The latest round of Apple rumors has Steve Jobs launching a new redesign of the MacBook Pro in April 2011 with solid-state drives and the Intel Light Peak optical cable technology.
Apple is notoriously reticent about providing information about upcoming
products, but that doesn't stop the Apple faithful from speculating. The latest
rumor making the rounds of Apple blogs predicts the next MacBook Pro notebook
will move to solid-state drives.
Mark Reschke from the Three-Guys-And-A-Podcast
blog wrote Nov. 24 that Apple will be launching the "all-new MacBook
Pro" design with SSDs in April 2011. He correctly predicted the launch of
a new MacBook Air in September.
The new design centers on the notebook's optical drives, or rather the lack
of them. "The new MacBook Pros will move to solid state storage, up to
512GB, remove the optical drive, and we believe Light Peak is being pushed to
make its first-ever entrance into the market, another Apple exclusive,"
Intel's Light Peak
is a high-speed optical cable technology designed to connect multiple
electronic devices, including peripherals, displays and disk drives. While the
Light Peak connectors will be smaller with cables that are longer, thinner and
more flexible, the technology will be capable of transferring data at blazing
speeds, starting at 10Gb per second, according to Intel.
Even though Light Peak
is an Intel project, there is rampant speculation that Apple is collaborating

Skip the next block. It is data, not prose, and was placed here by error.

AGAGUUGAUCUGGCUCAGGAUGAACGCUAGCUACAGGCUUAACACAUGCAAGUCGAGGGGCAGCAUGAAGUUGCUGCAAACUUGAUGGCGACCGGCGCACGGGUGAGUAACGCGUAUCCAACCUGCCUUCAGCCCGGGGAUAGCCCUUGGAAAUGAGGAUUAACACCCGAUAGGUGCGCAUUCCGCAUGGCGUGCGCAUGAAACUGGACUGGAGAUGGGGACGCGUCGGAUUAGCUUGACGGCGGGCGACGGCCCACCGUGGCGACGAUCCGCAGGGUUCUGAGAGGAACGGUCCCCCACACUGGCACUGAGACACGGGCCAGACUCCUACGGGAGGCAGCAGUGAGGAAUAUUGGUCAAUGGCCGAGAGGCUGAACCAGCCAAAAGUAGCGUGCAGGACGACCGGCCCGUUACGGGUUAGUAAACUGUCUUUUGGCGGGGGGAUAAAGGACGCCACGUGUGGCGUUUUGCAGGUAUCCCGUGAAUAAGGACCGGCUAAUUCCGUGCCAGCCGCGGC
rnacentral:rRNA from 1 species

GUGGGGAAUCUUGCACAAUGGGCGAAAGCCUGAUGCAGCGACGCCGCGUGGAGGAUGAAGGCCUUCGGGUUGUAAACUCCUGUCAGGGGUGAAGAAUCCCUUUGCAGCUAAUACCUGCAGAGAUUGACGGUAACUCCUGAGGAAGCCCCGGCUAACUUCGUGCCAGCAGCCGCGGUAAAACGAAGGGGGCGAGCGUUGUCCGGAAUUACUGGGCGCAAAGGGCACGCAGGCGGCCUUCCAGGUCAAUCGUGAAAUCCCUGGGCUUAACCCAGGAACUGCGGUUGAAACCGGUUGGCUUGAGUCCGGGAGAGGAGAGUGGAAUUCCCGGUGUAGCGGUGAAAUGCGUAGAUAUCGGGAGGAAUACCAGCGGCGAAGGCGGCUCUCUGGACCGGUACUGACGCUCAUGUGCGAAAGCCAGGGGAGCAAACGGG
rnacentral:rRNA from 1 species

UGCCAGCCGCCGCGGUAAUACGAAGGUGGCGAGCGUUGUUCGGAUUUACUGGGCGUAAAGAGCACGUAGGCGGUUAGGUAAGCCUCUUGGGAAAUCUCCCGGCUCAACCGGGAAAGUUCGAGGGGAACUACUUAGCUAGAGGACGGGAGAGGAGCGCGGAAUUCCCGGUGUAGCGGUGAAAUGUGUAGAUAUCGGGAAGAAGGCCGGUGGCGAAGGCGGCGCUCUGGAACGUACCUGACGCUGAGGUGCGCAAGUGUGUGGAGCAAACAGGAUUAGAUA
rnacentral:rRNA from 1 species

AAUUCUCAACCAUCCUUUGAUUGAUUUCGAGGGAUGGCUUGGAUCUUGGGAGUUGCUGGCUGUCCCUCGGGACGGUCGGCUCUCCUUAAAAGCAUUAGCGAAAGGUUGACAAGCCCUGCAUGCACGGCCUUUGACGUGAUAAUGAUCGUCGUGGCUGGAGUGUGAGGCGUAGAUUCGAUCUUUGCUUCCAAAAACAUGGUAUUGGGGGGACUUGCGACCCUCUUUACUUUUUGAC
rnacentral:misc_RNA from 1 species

with Intel on the technology. Many blogs are also claiming that it will be
Apple exclusive when it first hits the market
While Apple has never commented on its involvement with Light
Peak, sources told CNET
year, "Apple is an innovating force in the industry and makes requests
that nobody else does, and that only helps innovation."
Apple CEO Steve Jobs also recently said,
"We don't see USB
taking off this time." Many Apple watchers have taken this statement
as additional evidence that the new Macs will get Light
Intel has said customers will have Light
Peak components before the end of
2010 and that peripherals and PCs with Light
Peak connectors will appear on the
market in 2011. With Reschke's April prediction, the timing is not too far off
for Light Peak
to be in the MacBook Pro.
"We don't believe this will be a simple refresh of the MacBook Pro;
rather, Apple will deliver an all-out redesign, the big brother of the MacBook
air," Reschke wrote. This is in line with Jobs telling the crowd during
the MacBook Air launch that they can expect similar things from all MacBook
models in the future.
The MacBook Pro was last refreshed in April, with the addition of the Core
i5 and i7 options. While SSDs have been available as options on the MacBook Pro
line, the new redesign would mean a significant boost in processing power
between the entry-level MacBook line and the high-end Pro machines. The
predicted MacBook Pros will last longer, run quieter, and be lighter and more
power-efficient because there will be next to no moving parts within the case.
There is also some speculation that dropping the internal DVD
drive paves the way for Apple to come out with its own brand of external DVD
player/burner with Light Peak
to work with the MacBook Pro.
Reschke noted that Apple is likely to leave one legacy 15-inch design in the
lineup for those not yet comfortable with the shift to solid-state drives and
no optical drive. He speculated that the new MacBook Pros will start at $1,999
and scale up according to configuration.